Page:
Why the Media War Over Ukraine is a War Against Everyone

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by Seth Ferris, via NEO.org:

The ongoing media war between the United States and the Russian Federation is pretty much official. Even before the first official shots were fired, through the announcements by Andrew Lack, the newly-appointed chief of the US Broadcasting Board of Governors (BBG), which compared the English Language Russia Today to the Islamic State and Boko Haram, it was being conducted alongside the other concurrent conflicts: the ground war, the sanctions war, and the currency war.

In any sort of conflict opposing sides will have opposing views, and will present whatever suits their purposes and ignore what they don’t want people to hear. However, history shows us that there is such a thing a Truth, and if you ignore it it will come back and bite you. Ask any American who has served in Iraq and Syria, or any of the Vietnam veterans who came home vilified for doing their duty when, having seen the situation on the ground, they had no idea why they were there to begin with.

It is therefore in the interests of any conflicting party to base their propaganda on facts which give their actions justification. However, in Ukraine only one side is endeavouring to do this, and regretably it is not the US. All the Western powers have no choice but to go along with another projection of the US world view, despite the fact very few people outside the US believe it has any connection with reality. This is important, when people’s lives, and millions of war machine dollars, are involved.

Pot calling the kettle black

The American world view is very simple. It is based on one premise: everyone else has something wrong with them because they are not American. This encourages the US to look for the splinter in everyone else’s eye whilst neither seeing the log in its own nor imagining it could exist.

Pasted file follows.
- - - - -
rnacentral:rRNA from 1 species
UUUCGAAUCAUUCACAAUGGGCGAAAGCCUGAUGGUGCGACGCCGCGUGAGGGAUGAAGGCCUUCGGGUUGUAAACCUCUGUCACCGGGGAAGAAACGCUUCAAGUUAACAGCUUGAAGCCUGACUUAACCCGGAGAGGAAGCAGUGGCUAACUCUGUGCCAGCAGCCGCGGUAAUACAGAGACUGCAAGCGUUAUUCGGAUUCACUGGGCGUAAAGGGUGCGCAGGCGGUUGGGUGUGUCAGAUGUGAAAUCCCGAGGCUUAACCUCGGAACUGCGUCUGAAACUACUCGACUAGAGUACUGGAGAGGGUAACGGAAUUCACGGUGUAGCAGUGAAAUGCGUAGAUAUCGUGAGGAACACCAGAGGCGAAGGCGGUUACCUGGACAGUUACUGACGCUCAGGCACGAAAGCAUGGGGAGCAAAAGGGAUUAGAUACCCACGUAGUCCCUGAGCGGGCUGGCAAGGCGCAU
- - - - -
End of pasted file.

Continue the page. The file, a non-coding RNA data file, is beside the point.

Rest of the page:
Consequently the US has expectations of different countries which reflect this prejudice. If they have wrong with them what America says they do, they must therefore want to do what America wants to put it right. Maybe these countries have their own ideas about what they want and what is good for them. But America’s ideas are superior, so what America wants must be what is good for the world as a whole, there is no need to take any other interest into account.

The US view of Ukraine is as follows: Putin’s view of what the new Russia should be is not compatible with the 21st century. His “nostalgia for the years of tsarist or communist conquest” is a utopian and dangerous sympathy out of step with the modern world. Reincorporating or annexing Crimea must therefore be part of an effort to create a buffer zone (East Ukraine, Moldova, Ossetia, Abkhazia and maybe more to come) between Russia and Western sympathizers, because his views are not American, so he must be setting up an anti-American bloc.

As journalist Robert Parry writes, part of the problem is that the neocon propagandists who conduct such wars have been allowed to get away with introducing a fundamental falsehood into the modern American media. The personal has become the political: that is, you don’t deal with the larger context of a dispute, you make it all about some easily demonised figure.

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